AUSTIN (KXAN) — A strange sight has greeted recent visitors to the Lady Bird Lake hike and bike trail – large, thick webbing hanging from trees and wrapped around leaves.
If you’re new to Central Texas, the webs may look bizarre – but there is nothing unusual about them as they pop up around this time every year.
Webworms, small caterpillars that gradually feed on trees over summer, spend the summer months spinning the intricate webs.
Rainfall usually tears down the webs, according to entomologist Wizzie Brown. The Austin area saw plenty of rain towards the end of May, indicating that the webs have sprung up quickly.
“As they continue to grow and they need more food, they’ll expand their webbing to encompass more foliage of the tree,” Brown, an extension program specialist with Texas A&M AgriLife Extension Service, told KXAN last year.
“So those webs keep getting larger throughout the season and it makes it easier to spot them.”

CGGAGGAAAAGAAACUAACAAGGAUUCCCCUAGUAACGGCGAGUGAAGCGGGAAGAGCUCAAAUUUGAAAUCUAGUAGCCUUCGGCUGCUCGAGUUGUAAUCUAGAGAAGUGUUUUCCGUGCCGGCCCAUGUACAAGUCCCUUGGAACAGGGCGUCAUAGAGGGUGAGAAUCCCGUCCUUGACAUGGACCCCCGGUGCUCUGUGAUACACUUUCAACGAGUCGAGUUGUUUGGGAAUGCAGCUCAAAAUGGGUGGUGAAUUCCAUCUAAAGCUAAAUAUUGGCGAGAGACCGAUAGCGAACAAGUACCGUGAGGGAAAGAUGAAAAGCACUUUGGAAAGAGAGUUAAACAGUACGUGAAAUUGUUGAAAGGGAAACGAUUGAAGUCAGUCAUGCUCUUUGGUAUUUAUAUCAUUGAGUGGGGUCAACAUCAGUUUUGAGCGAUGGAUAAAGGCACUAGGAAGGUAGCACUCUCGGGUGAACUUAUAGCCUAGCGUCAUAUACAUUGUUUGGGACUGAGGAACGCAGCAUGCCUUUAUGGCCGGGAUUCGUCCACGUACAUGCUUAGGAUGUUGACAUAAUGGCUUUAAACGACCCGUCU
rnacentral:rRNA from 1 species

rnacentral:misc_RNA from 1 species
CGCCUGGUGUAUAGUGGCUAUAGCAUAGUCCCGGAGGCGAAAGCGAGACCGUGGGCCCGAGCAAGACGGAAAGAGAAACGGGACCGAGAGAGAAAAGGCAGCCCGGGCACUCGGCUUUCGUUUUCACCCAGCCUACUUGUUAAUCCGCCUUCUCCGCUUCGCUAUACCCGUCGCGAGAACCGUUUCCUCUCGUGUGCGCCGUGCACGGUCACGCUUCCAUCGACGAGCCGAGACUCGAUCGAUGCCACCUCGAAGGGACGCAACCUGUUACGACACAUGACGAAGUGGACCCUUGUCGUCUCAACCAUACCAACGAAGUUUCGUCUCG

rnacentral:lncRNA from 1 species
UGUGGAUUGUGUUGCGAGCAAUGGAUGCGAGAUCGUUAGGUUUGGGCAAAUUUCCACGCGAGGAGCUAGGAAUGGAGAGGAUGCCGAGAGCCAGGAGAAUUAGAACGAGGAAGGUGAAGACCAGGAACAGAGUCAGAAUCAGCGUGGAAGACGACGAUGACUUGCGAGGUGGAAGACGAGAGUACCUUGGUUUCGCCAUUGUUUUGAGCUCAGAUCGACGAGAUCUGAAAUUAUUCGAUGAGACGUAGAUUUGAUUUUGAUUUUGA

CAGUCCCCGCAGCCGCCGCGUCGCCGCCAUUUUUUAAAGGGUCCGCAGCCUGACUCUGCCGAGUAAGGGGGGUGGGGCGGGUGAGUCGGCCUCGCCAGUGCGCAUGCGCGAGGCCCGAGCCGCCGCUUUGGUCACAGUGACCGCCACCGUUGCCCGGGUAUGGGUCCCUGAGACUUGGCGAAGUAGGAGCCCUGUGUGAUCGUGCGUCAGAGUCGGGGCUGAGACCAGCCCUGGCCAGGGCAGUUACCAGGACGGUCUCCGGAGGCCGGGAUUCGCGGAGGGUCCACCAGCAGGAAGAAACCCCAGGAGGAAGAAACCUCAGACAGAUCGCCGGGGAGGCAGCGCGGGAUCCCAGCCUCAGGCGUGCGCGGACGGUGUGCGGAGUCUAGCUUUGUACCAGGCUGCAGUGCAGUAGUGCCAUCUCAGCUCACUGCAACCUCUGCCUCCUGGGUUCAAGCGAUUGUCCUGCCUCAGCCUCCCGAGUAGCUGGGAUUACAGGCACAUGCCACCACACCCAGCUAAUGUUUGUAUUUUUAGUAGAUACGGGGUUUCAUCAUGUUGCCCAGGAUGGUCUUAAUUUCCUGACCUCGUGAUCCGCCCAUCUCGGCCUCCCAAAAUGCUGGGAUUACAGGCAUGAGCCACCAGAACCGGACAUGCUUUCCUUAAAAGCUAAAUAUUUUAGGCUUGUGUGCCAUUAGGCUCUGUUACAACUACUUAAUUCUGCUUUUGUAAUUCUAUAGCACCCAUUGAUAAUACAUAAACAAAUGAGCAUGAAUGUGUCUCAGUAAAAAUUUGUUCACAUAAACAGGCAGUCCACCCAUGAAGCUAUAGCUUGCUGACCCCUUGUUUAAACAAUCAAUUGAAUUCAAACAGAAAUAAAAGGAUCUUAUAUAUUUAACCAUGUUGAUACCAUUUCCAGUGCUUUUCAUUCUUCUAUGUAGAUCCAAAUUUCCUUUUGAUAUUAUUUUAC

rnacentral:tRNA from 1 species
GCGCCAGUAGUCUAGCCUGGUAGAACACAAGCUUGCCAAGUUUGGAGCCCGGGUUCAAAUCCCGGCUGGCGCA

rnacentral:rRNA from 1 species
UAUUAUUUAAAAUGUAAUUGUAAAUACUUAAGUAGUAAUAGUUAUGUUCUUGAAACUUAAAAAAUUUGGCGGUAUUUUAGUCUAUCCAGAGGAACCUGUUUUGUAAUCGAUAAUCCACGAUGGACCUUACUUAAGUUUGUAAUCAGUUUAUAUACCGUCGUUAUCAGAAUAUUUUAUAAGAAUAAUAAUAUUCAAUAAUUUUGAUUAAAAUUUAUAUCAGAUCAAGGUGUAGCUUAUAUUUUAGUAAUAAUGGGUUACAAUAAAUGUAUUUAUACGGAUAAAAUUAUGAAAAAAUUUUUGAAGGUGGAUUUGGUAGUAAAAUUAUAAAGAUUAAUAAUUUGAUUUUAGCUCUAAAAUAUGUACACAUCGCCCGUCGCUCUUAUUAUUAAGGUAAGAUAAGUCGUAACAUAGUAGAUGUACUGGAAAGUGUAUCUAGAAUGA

Webworms can appear in back yards, but Brown said they don’t usually cause significant damage before they disappear when the weather gets colder.
People may need to bear in mind that when webworms die, the webbing stays on the trees – so if rain doesn’t do the trick, human interference may be needed.
You’re most likely to just spot the webs, but you don’t need to panic if you come face to face with a webworm. They can’t sting you, and you can touch them.
“When we have new people moving into the area from out of state and they haven’t experienced a lot of the insects that we’re used to seeing if we’ve been in Texas for a while, I get a lot of questions from those people,” Brown added.
“We have a lot of different types of insects and a lot of them are very large or obvious, and that can be a startling thing to experience when you move here.”